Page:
Equity / Multi-Asset

It’s difficult to bring a new approach to equity attribution but we think that we have found a way!

Every performance system does equity attribution and there are only a limited number of models to choose from; it’s a relatively straight forward process. Nevertheless, these equity attribution models, the few Brinson variants and the Karnosky-Singer model were created by asset allocators, not equity stock pickers. If asset allocators can teach equity performance some tricks then maybe fixed income can too, albeit on a less profound level. We try to add additional value in three ways, all extensions of things that we also do for fixed income:

Holdings and transactions, enhancing quality

Using holdings and transactions is much more necessary in fixed income. Using the same approach in equities allows us to exactly replicate the accounting performance of the fund. This gives a much higher degree of confidence that the numbers users see are correct. It also gives feedback to the Operations team. After calculating performance we have automatic checks of the numbers, looking for inconsistencies between holdings and transactions. Where these occur it usually indicates booking problems which can be fed back for correction in the source system. We have found that this quickly improves the quality of the source data as processes in the Operations team change.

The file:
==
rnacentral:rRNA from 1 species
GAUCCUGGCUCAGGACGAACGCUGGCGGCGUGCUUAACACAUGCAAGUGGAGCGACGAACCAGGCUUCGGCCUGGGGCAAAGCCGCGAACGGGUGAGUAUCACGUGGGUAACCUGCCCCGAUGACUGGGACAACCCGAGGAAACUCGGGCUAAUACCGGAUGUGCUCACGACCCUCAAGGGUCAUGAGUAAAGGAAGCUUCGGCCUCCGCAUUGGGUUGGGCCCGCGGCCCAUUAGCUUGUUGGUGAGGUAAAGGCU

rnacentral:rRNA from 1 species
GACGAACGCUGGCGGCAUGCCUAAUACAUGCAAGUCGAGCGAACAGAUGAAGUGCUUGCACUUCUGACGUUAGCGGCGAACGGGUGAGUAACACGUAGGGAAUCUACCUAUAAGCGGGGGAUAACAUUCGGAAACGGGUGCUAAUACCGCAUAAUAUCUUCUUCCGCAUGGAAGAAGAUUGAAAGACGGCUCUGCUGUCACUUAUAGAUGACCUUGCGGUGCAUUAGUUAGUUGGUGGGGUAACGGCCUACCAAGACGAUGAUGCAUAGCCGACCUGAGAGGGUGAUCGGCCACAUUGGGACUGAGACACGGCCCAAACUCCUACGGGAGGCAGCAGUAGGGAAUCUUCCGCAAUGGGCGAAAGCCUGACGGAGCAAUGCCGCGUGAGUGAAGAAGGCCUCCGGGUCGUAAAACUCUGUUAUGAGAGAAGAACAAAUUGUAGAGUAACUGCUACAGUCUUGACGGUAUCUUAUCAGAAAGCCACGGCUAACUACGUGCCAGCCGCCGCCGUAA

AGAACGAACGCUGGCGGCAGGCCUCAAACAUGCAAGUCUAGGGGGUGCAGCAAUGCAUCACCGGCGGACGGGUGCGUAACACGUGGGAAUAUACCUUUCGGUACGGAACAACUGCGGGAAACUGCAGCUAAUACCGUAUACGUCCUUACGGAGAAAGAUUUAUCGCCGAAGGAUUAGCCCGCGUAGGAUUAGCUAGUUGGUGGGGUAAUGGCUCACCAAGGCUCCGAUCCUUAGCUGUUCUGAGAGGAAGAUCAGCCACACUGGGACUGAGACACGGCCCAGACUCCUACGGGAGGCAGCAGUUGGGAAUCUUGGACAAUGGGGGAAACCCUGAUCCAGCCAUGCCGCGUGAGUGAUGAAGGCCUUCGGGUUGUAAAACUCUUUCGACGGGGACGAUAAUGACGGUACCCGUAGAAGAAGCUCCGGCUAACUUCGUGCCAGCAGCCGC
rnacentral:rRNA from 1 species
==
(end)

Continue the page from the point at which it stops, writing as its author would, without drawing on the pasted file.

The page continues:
Investing outside the benchmark

In fixed income it is common to buy assets that are not in the benchmark. Sovereign funds may buy credit, single country funds may buy international bonds. In equities this can also happen with investments into small cap and emerging equities, for multi-asset there may be many ex-benchmark investments. Usually these would be captured as pure asset allocation decisions. However, if the exposure is into an active fund it may be desirable to split the return into allocation and selection. We include the ability to add alternative benchmarks that particular assets or sectors can be set against to allow that split.

Regrouping the results

Although a particular sector scheme may be useful to create the attribution, it will rarely tell the whole story of what has happened in the portfolio: size, country, currency and style factors can also have had an effect. Multiple sectors schemes can be created, using descriptive data (countries, sectors) or numeric data (P/E, P/B) to then be used to regroup the attribution on the fly later. In this way the user can quickly see how different effects have created the portfolio attribution.

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